EV charging is expected to debut at the first Waitrose shop early next year. This will represent the first foray into destination charging for the oil giant’s Shell Recharge-branded network, which it hopes to expand to 5,000 charge points at gas stations (forecourts to our British mates) and other locations by 2025. (Shell has been offering DC fast charging at some of its retail sites in the Netherlands and the UK for some years, and it also has ownership interests in a couple of public charging operators.)

“We want to make EV charging as hassle-free as possible and support our customers wherever they want to charge,” said Shell UK Retail General Manager Bernadette Williamson.

“This is an important partnership for Waitrose and means we can offer even greater convenience to more of our customers,” said Waitrose Executive Director James Bailey.

MORE: Oil companies buying up EV charging networks: Shell acquires ubitricity

Source: Electric Drives


Daikin’s new AC refrigerant features lower boiling point, could boost EV range

Japanese air conditioner manufacturer Daikin Industries has developed a refrigerant specifically for EVs, and plans to commercialize the product by 2025, according to a report by Nikkei Asia.

At present, the most common refrigerant for use in EV air conditioners is R-1234yf, sold under the names Opteon YF by Chemours and as Solstice YF by Honeywell. Daikin’s new refrigerant has a boiling point of about -40° C, 10 to 15 degrees lower than that of R-1234yf. This reduces the power required for compression, which Daikin

says could significantly extend an EV’s range.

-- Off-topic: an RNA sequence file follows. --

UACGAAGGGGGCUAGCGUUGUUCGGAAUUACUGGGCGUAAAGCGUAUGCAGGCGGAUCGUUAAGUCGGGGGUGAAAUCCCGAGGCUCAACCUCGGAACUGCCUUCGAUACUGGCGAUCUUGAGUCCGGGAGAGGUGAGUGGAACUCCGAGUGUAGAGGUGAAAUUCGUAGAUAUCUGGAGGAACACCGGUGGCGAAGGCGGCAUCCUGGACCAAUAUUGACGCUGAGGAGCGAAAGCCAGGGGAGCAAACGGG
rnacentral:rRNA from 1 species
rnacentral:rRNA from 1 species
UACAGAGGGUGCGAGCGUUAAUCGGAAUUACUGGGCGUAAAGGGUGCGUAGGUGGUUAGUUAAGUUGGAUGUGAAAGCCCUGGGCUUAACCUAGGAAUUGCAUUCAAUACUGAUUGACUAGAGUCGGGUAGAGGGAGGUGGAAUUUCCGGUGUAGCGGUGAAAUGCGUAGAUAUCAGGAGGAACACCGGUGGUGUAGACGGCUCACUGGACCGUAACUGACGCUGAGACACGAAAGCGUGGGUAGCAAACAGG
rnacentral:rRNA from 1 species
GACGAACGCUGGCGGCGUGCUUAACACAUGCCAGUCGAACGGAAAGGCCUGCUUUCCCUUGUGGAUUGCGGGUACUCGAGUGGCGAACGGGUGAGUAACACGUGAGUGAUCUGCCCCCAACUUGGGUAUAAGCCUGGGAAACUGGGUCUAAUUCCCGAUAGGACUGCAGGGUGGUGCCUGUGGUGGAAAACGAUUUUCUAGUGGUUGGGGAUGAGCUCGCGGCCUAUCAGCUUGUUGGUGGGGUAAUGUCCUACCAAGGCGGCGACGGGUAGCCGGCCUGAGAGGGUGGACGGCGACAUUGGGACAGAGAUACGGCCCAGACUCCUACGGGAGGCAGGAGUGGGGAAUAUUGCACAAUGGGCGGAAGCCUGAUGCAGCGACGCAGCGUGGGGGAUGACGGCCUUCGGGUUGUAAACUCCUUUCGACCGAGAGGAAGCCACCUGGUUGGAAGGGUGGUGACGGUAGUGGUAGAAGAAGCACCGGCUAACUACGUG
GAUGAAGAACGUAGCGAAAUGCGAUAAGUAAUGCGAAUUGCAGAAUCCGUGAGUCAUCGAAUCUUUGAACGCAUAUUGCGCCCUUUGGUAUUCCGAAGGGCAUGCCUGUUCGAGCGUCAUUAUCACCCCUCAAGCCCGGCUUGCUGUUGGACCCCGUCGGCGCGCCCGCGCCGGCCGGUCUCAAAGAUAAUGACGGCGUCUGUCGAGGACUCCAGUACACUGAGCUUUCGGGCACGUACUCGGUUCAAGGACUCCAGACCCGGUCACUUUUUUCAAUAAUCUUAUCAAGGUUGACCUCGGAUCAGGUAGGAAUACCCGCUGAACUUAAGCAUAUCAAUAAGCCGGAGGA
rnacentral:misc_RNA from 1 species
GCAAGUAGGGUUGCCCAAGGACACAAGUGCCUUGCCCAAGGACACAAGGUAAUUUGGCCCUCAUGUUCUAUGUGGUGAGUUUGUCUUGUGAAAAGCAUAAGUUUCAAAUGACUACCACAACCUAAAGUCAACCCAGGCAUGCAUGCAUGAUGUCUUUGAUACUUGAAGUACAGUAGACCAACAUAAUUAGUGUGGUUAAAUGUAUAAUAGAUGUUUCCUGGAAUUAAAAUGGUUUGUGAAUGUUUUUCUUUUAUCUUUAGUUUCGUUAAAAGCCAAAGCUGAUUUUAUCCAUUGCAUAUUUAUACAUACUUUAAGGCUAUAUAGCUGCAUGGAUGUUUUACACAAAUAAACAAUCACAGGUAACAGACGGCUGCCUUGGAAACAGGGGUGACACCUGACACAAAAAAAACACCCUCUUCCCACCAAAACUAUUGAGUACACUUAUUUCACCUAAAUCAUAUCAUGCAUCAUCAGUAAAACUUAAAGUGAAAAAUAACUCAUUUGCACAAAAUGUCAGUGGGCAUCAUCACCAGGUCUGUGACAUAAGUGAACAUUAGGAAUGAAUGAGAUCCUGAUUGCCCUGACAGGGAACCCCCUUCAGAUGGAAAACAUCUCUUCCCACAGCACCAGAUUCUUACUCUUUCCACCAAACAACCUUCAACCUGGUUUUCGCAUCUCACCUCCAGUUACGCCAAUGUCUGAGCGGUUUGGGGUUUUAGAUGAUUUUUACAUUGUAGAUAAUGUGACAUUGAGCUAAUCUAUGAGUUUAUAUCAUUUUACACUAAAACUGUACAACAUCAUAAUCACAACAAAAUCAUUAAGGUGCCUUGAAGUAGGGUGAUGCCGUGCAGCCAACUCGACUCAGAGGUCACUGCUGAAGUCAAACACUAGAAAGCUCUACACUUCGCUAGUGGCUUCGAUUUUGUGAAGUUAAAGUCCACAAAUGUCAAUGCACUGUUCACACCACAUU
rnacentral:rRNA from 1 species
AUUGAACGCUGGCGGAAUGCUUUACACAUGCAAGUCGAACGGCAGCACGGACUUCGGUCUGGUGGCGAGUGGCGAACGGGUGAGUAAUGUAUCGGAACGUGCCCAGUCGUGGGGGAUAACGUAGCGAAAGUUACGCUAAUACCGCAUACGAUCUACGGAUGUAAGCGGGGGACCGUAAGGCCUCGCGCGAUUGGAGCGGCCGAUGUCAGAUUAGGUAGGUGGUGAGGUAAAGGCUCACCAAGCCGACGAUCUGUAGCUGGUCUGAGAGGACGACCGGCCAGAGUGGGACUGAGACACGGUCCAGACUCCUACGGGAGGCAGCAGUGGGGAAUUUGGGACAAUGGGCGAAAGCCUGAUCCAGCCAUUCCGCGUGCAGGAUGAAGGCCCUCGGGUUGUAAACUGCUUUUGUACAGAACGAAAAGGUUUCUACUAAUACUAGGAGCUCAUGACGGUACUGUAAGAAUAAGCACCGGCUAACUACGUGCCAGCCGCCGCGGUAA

R-1234yf can cost up to $270 per vehicle, according to Daikin. The company will “consider the price of the new refrigerant while looking at market prices.” 

SAE International will verify the performance and safety of the new refrigerant under operating conditions. Daikin is not currently in the automotive market, but anticipates that supply chains will change dramatically with the shift to EVs.

Source: Nikkei Asia


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Mercedes-Benz & GROB Launch Battery cooperation

Mercedes-Benz is intensifying its cooperation with GROB-WERKE in the field of manufacturing technology, expanding its production capacity and know-how for next-generation batteries. Stuttgart/Mindelheim – Local battery production is a key differentiator for Mercedes-Benz and its electric push. The company’s global battery production network will include nine battery factories on three continents underscoring the company’s ambition […]

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Vene Rides, the MicroEV Store, Opens 2nd Location With Expansion to Chicago

 Vene Rides was launched last July by HOPR, an established micromobility company. After a successful year of operating in Miami, Vene Rides is now expanding into Chicago. The past few years, we have seen explosive growth with shared electric bikes and scooters and mass adoption by millions of people in hundreds of cities across the globe. As […]